Tuesday, February 22, 2011

Let's Talk About Agents

I never queried.

Don’t hate me.

I also no longer have an agent. Maybe it was a bad omen that “The Phone Call” where I was invited to sign with the agency came while I was at the awkward doctor, and my call went to voice mail.

But for a while there I thought I’d “arrived.” I’d spent a couple of years researching, writing, and finally polishing my manuscript. I wasn’t going to be “that” writer: the one who queried and then had to hurry to finish a draft to send off to an agent. In fact, I was near terrified of the query. People, I wanted to write fiction! I was as angsty about the query as my teen protagonist was about her boyfriend.

I hit the conference scene. An agent liked my sample chapter. A miracle. He requested the full. Four months later I’d signed with the first boy to say, “I love your book.” I had butterflies. I had visions of my book cover and my name in print. I was so nervous about real editors reading my sex scene that I would literally sweat when thinking about it. My parents might actually read that. I was GOING TO HAVE A REAL BOOK. My agent would make it so.


After revising for months—first a different beginning, then a totally different ending—the manuscript was ready. FINALLY. It went out on submission. If I thought querying was going to be scary. Oh, lord. I’m positive there is nothing more stressful than having a book on submission. Who would say yes to my book? Who would offer the biggest advance? Which publishing house had the coolest authors for me to associate myself with? These were all the wrong the worries.

The rejections came in over months. Not days. Not weeks. Months! My book and my dreams were dying the slowest of deaths. Then one day my agent decided to take his career in a different direction. It wasn’t personal. It was business. But still.

Back to square one. I a few things to do: Write new novel. Find agent. Revise. Submit. Hope it works out. No guaranties.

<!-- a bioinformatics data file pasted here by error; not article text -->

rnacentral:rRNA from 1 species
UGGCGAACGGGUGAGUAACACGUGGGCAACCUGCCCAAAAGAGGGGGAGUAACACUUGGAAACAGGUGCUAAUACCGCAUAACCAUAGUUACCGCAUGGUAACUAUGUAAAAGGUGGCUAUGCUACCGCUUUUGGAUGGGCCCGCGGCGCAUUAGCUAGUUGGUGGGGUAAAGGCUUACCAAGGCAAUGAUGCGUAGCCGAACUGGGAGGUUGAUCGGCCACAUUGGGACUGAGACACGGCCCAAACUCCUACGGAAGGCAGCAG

And that’s where I am now.

Do I still believe it will happen? Yes. I think I can get published. Am I willing to do years of writing and potentially suffer another failed submission? Yes.

Sometimes I wonder if my hands really hold a printed book I wrote if I will feel the ecstatic first love feelings or if it will be more like, There, I endured it. But, I’m jumping ahead again. What makes either one of those outcomes worth it is that writing and yearning to get published make me feel like I’m living hard. I need to live hard and feel a lot. That’s life.

Jody Sparks is a struggling novelist who also writes web content for Angie's List, The Children’s Museum, and other fine clients.


  1. I spent all last year seeking an agent, and I got one at the end of the year. But I also have a dozen books, in print, done without an agent. The only real reason to get an agent is to have your book submitted to the big 6 New York publishers. If that's not your goal then there are dozens, if not hundreds of small indie publisher of all stripes.

    So if your goal is just to be published professionally check out small pubs.

  2. I've heard even medium sized indies are easier for agents to talk to than unpublished authors, even when the publisher accepts unsolicted manuscripts.

    I'm looking at indies. Some of the up and coming are e-pub only, but I'm still hoping to get into at least some libraries.

  3. Yikes, we must be living in duplicate universes cuz you're living my life. Great post, David. I once had an agent who was SO excited about my book that I was on top of the world for an entire month. He asked for rewrites. "You bet," I said. A month later I emailed to say the rewrites were done. He said, "I'm sorry ma'am, I'm not taking on new clients."